Andrea Piccolo waves to the camera from sign-in at the 2023 Vuelta España.

EF fires Andrea Piccolo after rider reportedly caught with HGH

EF Education-Easypost terminated the Italian's contract with immediate effect after he was reportedly stopped at an airport and found with the banned substance.

Joe Lindsey
by Joe Lindsey 22.06.2024 Photography by
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UPDATE: On Saturday morning the UCI issued a brief statement noting that the search that targeted Andrea Piccolo was not random. “The search conducted on the rider is the result of an investigation led by the International Testing Agency (ITA) and its close collaboration with the National Anti-Doping Organisation of Italy (NADO Italia) and Italian law enforcement authorities (NAS Carabinieri),” it said, adding that it would make no further comment. In response to a text message, EF manager Jonathan Vaughters said that the team had no knowledge of ITA’s investigation but that it had shared general (not doping-specific) concerns with the UCI after the March incident. Friday’s report follows below.

CORRECTION: An earlier version of this story reported that Tom Danielson was given a four-year ban after testing positive for a contaminated supplement. Danielson has publicly claimed that as the reason for his positive, but USADA, in a post-sanction statement, directly refuted that, saying that Danielson presented no evidence of contamination in his hearing. The story has been updated.

The EF Education-EasyPost team issued a statement Friday afternoon US time that it has terminated rider Andrea Piccolo’s contract immediately after the 23-year-old Italian was reportedly caught trying to bring human growth hormone into Italy.

Piccolo has not yet been publicly charged with an anti-doping offense and the UCI has yet to comment, as the incident became public late Friday evening in Europe. An e-mail request for comment to Piccolo’s agent was not immediately returned. When reached via text message, EF general manager Jonathan Vaughters confirmed the news to Escape Collective.

In a text message to Vaughters, written mostly in Spanish with a few words in Italian, Piccolo expressed remorse while admitting he had been subject to a search. “Jonathan te hablo con sinceridad porque ya perdi todo y soy consapevole de esto… Lleve desde colombia 4 medicinales que me uno no quiero hacer nombra quiero tomarme mi responsibilidad en esto…” Piccolo wrote. “las encontraron y me la sequestraron en aeropuerto…” [Translated: Jonathan I speak to you sincerely because I have already lost everything and I am aware of this… I have taken four medications from Colombia that I do not want to name, I want to take my responsibility for this… They found them and confiscated them at the airport.”]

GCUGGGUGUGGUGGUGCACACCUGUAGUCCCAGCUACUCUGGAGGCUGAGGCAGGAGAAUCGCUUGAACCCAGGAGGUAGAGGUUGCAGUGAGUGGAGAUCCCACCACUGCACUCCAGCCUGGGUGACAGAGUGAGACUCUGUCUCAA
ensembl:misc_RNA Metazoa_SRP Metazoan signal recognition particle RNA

Piccolo went on to apologize, saying he knows he will be out of the team, and asking forgiveness, while adding that he will “surely try to solve this because I did not test positive for any substances.”

Vaughters told Escape via text message that after the sleeping pill incident, he relented and offered Piccolo a second chance, including a start in the Giro, after what he thought was a sincere apology. But the second incident is far more serious. Under WADA code, human growth hormone is classed as an anabolic agent and its use is banned at all times, including out of competition. Being found in possession of a banned substance is tantamount to a positive test. It’s unknown what were the three other medications Piccolo was carrying.

Human growth hormone is a naturally occurring substance that is also produced in a recombinant (synthetic) form as a therapeutic medicine. In a doping context, it can assist with recovery and building or retaining lean muscle mass, and is often used as part of a larger doping regimen. The drug was one of those found during 2023’s investigation into doping on the W52-FC Porto team, which saw director Nuno Ribeiro suspended for 25 years. It was also the drug in question in the recent Miguel Angel Lopez case, which centered on the rider’s actions in 2022.

The news is a shocking turn of events for EF. The team was founded more than 15 years ago in the wake of serious doping issues in pro cycling and has a long history of public support for clean sport. Then racing at the Pro Continental level as Slipstream, in 2007 the team was one of the first to independently pioneer biomarker testing, a technique which became the basis for the World Anti-Doping Agency’s Athlete Biological Passport program. The team has also since 2007 been a member of the Mouvement Pour un Cyclisme Credible, an independent association of WorldTeams and ProTeams that aims to hold the sport to a higher standard of ethical behavior.

The team has had two doping-related incidents in its past. In 2011, the team fired then-director Matt White after he referred a rider to an outside doctor in contravention of internal team rules. That doctor, Luis Garcia del Moral, was later banned for life in connection with the United States Postal Service investigation, although the suspension was ultimately reduced to five years. And in 2015, Tom Danielson tested positive for testosterone and received a four-year suspension. Although he claimed supplement contamination as the cause, USADA noted in a statement that no evidence of contamination was raised at Danielson’s hearing on the matter. He retired at the end of that season.

It remains to be seen if Piccolo will be criminally charged, but there will almost assuredly be an anti-doping case. He faces at least a four-year ban, depending on what the other substances found in possession were.

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